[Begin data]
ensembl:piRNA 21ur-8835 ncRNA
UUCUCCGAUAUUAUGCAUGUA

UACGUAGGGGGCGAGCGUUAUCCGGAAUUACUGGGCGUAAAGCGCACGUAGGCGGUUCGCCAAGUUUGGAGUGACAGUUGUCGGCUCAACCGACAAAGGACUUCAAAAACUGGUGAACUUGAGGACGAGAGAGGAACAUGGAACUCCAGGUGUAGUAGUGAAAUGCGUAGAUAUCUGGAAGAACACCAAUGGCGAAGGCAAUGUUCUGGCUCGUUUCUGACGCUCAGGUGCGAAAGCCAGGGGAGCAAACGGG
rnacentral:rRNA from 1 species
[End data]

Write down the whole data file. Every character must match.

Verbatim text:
ensembl:piRNA 21ur-8835 ncRNA
UUCUCCGAUAUUAUGCAUGUA

UACGUAGGGGGCGAGCGUUAUCCGGAAUUACUGGGCGUAAAGCGCACGUAGGCGGUUCGCCAAGUUUGGAGUGACAGUUGUCGGCUCAACCGACAAAGGACUUCAAAAACUGGUGAACUUGAGGACGAGAGAGGAACAUGGAACUCCAGGUGUAGUAGUGAAAUGCGUAGAUAUCUGGAAGAACACCAAUGGCGAAGGCAAUGUUCUGGCUCGUUUCUGACGCUCAGGUGCGAAAGCCAGGGGAGCAAACGGG
rnacentral:rRNA from 1 species